One of the many things I like on Polish label Lower Silesian Stronghold is their quest for new ‘talent’. On their roster, they house quite some artists / projects / bands that are sort of eternally related to each-other. This loyalty is remarkable and must be hailed. Yet then again, Lower Silesian Stronghold do not mind giving opportunities to completely new acts either. And what’s more, artificial boundaries are neglectable.
A deep-thought introduction, just to say this: Lower Silesian Stronghold signed Funebre Devastation, and this Spanish act’s first official recording got released on that Poland-based Black Metal label. You’re welcome…
I did not know Funebre Devastation, but investigation showed that this band is quite new. I said ‘this band’, not the members. The line-up on their first record is quite remarkable. Okay, on the basses, there is a guy I did not know (yet), being Jose Opposer. The drum parts, however, are performed by no one else but Argus, whom you might know from great acts like Lucifuego and the sweeties of Undernoise. The lead vocals and electric guitars, then again, were done by one of Spain’s most notorious (Black Metal) musicians, Erun-Dagoth, currently or formerly also active in, for example, Briargh, Moonshine, Eldereon, Hrizg or CrystalMoors, amongst many others. Yes, we can speak about an impressive line-up for sure. Besides, both Erun-Dagoth and Argus did perform together before, which evidently strengthens the cohesive collaboration.
Anyway, this trio recorded these nine compositions at Erun-Dagoth’s famous Khazad-Dûm Studio somewhere in 2018. It was the latter, by the way, who wrote both music and lyrics, and who took care of the production and the layout too. The compact disc, which comes with an eight-page booklet (including the lyrics in English and strange cover artwork by some Enserune), got pressed in an edition of 500 copies (no tape or vinyl copies, if I am not mistaken). And here is my sole (negative) remark on this release: the nine hymns last for nearly twenty-nine minutes, so that is a pity, such a pity. Yet then again, better a release limited in length with a cool professional quality than an hour of purest boredom.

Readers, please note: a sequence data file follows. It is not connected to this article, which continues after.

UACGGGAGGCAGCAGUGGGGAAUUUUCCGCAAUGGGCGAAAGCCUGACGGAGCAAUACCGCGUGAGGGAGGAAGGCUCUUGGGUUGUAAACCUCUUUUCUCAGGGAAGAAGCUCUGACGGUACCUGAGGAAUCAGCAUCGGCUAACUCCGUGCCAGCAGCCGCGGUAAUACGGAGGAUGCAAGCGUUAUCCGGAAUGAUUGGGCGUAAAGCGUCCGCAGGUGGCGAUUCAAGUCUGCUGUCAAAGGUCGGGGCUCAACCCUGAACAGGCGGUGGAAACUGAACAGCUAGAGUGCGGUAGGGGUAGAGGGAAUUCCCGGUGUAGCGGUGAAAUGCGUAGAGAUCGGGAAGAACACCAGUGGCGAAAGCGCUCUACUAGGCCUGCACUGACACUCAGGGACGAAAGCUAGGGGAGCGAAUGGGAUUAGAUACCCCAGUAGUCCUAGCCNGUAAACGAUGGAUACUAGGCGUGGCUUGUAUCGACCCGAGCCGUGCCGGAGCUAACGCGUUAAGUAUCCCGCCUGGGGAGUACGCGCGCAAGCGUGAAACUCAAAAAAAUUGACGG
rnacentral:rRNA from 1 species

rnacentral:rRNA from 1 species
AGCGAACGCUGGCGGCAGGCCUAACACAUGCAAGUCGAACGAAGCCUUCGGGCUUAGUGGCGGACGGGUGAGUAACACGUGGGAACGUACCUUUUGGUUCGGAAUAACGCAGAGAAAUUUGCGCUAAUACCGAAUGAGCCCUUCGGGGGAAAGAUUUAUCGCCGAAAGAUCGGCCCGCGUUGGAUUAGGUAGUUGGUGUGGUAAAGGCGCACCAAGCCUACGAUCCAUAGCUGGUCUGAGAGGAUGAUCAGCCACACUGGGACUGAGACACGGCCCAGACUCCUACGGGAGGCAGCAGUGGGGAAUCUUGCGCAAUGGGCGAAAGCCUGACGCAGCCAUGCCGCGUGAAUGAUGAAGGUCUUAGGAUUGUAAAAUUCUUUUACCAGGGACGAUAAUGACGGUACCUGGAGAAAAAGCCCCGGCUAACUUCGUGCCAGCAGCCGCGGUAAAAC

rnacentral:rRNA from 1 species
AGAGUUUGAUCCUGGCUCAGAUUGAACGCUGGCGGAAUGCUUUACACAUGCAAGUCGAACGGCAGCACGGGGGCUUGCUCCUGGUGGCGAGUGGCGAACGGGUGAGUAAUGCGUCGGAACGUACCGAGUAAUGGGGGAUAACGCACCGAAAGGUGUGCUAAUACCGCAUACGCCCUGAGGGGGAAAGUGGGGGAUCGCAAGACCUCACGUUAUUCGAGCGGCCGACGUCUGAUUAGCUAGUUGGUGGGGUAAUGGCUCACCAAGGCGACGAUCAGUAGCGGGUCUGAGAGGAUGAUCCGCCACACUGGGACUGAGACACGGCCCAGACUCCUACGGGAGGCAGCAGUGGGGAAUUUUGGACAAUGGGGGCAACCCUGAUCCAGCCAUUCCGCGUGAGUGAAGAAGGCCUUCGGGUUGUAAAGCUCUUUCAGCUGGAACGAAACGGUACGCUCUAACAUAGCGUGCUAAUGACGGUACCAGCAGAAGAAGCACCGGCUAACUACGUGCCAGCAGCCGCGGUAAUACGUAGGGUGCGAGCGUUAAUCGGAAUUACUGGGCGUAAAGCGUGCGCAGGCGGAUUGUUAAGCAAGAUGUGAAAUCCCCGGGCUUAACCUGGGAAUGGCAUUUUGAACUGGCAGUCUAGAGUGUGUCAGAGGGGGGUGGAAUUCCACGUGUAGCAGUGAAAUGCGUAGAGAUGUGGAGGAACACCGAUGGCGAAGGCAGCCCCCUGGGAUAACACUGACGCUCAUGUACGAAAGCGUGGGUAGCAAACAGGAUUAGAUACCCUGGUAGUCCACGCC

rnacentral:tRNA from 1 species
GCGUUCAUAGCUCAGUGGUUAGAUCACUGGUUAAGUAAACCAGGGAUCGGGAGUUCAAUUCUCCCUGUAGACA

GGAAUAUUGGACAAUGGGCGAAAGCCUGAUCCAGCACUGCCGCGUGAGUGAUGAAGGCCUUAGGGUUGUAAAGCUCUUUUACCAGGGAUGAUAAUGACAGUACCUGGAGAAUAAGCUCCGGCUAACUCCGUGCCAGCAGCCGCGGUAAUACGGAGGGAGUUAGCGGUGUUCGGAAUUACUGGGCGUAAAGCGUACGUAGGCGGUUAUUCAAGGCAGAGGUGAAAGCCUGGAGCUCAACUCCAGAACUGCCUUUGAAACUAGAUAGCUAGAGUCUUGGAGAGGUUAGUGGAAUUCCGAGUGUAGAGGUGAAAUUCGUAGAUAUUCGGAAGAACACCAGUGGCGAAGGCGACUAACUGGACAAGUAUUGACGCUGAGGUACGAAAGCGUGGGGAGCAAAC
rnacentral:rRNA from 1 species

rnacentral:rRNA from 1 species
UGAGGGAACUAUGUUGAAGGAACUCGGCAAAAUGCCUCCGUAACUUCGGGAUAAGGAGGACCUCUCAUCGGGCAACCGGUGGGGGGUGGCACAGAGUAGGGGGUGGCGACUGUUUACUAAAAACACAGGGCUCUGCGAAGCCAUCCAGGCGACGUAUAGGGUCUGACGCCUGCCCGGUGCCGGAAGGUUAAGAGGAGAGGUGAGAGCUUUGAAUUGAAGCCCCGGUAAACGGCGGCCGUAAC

So, Rebirth Of The Cursed Spectre hits and hurts as from the very beginning. Their Black Metal approach is pretty traditional – some might call it ‘Orthodox’ – but there is nothing wrong with that, at least in case of a decent result. And that is exactly the case right here. What Funebre Devastation bring is fast, rhythmic and thrashing Black Metal with a rough production, a monumental rhythm section, lots of fierce ’n’ furious solos and cold, throaty grunts. Besides, there is a fine dose of Old School Death Metal included – besides elements from War and Thrash Metal – and subtly-used (unique) additions like excerpts of Gregorian chants, samples (such as sirens) and a devastating timeless-universal (read: glorious old styled) vibe.
The tempo is fast, with blasting eruptions and a couple of slower moments, and it includes a certain unlimited groove. The less up-tempo parts exhale something deeply morbid, while the faster excerpts reveal a merciless and uncompromising attitude.
I do have one minor point of attention, and that’s the sound quality. I always adore a rough production – clinically clean studio work is totally inacceptable – but the sonic result of the Rebirth Of The Cursed Spectre sessions is too plain, too flat, I think. No, I did not say that the sound is bad, for it is not. But I would have appreciated little more elegance and balance. But as said, this isn’t but a minor point, and it may not be a reason not to delve into the world underworld!) of Funebre Devastation.
For fans of, well, let’s say everything in the vein of Sarcófago, Perversor, Bestial Warlust, Black Witchery, Deströyer 666, Abominator and Bestial Mockery, you know…
Elite and Misanthropy, War and Hate!